After several years of increasing numbers of Americans biking to work on a regular basis, the percentage of workers commuting via bicycle has declined for the third year in a row. According to a recent USA Today article, the number of bicyclists riding to work fell 3.2% from 2016 to 2017, to an average of 836,569 workers nationwide. Those numbers are significantly lower than the high reached in 2014 of 904,463 commuting bicyclists, which peaked after four straight years of substantial increases.
Interestingly, the number of individuals riding bicycles to work declined by as much as 50% in Tampa, Florida, and Cleveland, Ohio, while numbers in other U.S. cities rose just as drastically. San Francisco saw a drop of 19.9% in bicycle commuters and Oakland saw a drop of 25.8%. On the other hand, for cities that are traditionally bike-friendly and enjoy high rates of bicycling to work, such as Portland, Washington, and Minneapolis, numbers continued to increase. These statistics have varied widely despite the overall move by many municipalities to make their streets safer for cyclists by installing bike lanes and paths and implementing bike-sharing programs.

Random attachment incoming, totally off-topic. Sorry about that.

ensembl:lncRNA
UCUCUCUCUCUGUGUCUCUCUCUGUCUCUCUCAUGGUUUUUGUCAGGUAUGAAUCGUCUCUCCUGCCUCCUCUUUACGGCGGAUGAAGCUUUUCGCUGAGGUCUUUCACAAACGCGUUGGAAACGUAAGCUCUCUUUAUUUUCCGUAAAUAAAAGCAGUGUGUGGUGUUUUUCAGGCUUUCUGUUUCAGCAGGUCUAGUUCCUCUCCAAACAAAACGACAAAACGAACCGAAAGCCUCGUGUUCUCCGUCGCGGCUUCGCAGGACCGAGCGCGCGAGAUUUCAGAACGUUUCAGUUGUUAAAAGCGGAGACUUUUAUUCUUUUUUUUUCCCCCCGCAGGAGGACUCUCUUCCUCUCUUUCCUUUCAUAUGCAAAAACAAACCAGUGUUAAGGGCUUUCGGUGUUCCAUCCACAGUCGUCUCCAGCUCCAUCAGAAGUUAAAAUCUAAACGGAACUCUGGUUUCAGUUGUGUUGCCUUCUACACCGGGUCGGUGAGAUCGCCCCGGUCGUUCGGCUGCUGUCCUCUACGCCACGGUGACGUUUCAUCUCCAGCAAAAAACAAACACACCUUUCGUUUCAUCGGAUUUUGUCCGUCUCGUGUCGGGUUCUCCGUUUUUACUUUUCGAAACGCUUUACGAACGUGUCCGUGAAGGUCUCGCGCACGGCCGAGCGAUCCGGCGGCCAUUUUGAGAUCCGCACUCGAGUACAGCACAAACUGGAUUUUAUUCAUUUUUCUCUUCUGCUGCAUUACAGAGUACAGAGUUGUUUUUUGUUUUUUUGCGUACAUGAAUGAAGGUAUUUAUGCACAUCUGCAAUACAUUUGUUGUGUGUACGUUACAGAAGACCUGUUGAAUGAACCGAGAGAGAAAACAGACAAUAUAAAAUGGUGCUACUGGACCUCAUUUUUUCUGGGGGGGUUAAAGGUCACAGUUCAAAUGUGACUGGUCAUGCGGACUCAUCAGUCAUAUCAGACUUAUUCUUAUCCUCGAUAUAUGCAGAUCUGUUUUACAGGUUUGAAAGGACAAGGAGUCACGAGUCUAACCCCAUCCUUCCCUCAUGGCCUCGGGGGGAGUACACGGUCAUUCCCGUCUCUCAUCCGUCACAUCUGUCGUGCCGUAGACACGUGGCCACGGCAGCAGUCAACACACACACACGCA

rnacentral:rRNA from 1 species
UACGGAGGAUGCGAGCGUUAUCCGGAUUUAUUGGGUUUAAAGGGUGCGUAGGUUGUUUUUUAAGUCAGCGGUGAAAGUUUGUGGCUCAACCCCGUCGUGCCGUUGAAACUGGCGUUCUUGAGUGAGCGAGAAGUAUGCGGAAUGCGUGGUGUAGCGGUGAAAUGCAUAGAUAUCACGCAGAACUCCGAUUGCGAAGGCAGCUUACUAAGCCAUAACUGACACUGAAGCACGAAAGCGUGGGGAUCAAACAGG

Some of the declines are attributable to lower gas prices and a stronger economy, in which purchasing a vehicle is more attainable. The increased popularity of ride share services, such as Uber and Lyft, also may have cut into the numbers of cyclists. In cities like Los Angeles, some explain the decline as the natural consequence of bicyclists not feeling safe on city streets. After Los Angeles started installing miles of bike lanes and lowering speed limits to make streets safer for bicyclists, motorists pushed back, which has largely stalled these efforts. In fact, Bicycling magazine named Los Angeles as the worst biking city in America in October 2018.
Still, efforts in some cities seem to have paid off. From 2016 to 2017, Long Beach, California, saw a 23.1% increase in individuals who chose to ride bicycles to work. City officials attribute the increase to adding bike lanes throughout the city, establishing dedicated bike routes separate from other traffic, and establishing a well-received bike-sharing program. Bonnici Law Group has the experience, knowledge and reputation that you want and need when you are injured in a bike accident. We are here to help you build the strongest claim possible for compensation and obtain a positive outcome in your case. Do not hesitate to contact Bonnici Law Group at 619-259-5199 or email@example.com.